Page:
AIFMD came into effect in Ireland on 22 July 2013, and was introduced by the European Commission partly in response to the 2008 financial crisis, but also in response to a number of financial scandals - not least the Bernie Madoff scandal in the United States.
Investor confidence had understandably been hit by the crash and the scandals, and the Commission felt the need to introduce additional regulation to restore confidence among both professional and retail investors. The directive is aimed at reducing the risk posed by Alternative Investment Funds (“AIF” or the “fund”) to the very stability of the EU financial system and to bolster investor confidence. At this stage it is worth emphasising that the directive primarily regulates fund managers - not the fund itself, although there are knock-on implications for the funds.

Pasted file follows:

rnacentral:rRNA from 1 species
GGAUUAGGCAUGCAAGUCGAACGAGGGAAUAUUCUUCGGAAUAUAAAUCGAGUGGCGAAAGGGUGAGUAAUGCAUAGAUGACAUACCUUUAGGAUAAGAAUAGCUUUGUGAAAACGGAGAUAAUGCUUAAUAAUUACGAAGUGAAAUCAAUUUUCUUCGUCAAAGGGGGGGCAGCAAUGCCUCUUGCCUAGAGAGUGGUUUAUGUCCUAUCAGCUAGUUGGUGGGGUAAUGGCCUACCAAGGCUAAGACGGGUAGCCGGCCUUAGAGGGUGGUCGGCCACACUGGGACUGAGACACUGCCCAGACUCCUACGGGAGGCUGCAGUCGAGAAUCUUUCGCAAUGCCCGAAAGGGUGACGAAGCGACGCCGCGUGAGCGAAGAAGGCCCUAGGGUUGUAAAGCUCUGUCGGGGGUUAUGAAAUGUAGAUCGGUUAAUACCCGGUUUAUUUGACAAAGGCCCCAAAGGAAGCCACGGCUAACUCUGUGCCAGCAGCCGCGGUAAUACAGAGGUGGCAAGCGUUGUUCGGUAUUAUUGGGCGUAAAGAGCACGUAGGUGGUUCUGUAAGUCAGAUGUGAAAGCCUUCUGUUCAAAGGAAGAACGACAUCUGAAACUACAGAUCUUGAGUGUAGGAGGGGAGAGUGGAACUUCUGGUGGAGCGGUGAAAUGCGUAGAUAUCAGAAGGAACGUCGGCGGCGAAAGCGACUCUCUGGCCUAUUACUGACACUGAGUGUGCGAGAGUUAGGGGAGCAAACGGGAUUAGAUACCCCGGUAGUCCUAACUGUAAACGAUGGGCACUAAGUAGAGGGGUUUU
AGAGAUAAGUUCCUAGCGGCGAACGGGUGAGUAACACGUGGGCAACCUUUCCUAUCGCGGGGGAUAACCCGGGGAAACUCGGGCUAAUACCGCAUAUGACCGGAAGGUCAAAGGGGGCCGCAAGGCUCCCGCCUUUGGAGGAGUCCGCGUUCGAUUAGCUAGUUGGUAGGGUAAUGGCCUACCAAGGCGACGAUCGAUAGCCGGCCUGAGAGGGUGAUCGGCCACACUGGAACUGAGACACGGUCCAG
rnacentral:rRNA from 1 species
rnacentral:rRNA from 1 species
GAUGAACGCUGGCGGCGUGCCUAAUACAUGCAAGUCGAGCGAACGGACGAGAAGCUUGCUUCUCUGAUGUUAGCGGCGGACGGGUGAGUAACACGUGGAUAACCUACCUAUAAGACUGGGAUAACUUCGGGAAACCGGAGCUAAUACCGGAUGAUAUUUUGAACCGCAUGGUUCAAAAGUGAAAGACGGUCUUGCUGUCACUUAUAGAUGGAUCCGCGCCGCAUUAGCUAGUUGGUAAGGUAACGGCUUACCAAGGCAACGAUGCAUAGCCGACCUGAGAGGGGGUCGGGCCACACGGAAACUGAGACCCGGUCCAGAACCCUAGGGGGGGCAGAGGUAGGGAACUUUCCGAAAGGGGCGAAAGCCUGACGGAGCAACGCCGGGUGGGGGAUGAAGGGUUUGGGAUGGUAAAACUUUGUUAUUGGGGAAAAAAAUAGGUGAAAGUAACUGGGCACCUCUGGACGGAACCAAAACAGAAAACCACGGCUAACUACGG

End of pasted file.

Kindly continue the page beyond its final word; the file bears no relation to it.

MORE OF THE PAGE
The directive introduces a new uniform set of rules for all managers of AIFs including PE and VC funds, which to a large degree had previously gone unregulated in a number of EU countries. Against that background of virtual nonregulation, it’s no surprise that the directive has presented the alternative funds industry Europe-wide with a number of new challenges.
Under the terms of the directive, fund managers - whether they are based in the EU or not - who manage and market AIFs in the EU - must be authorised by an EU regulator, and in the case of Ireland that regulator is the Central Bank of Ireland.
The rules in the directive on operational, organisational, reporting and capital requirements are far more onerous that anything included in the MiFiD or UCITS directives.
Private equity and venture capital fund managers, as a result, now have to operate within a system where there are a whole set of new requirements in relation to depositaries, independent valuations and remuneration, and that presents a whole new range of challenges.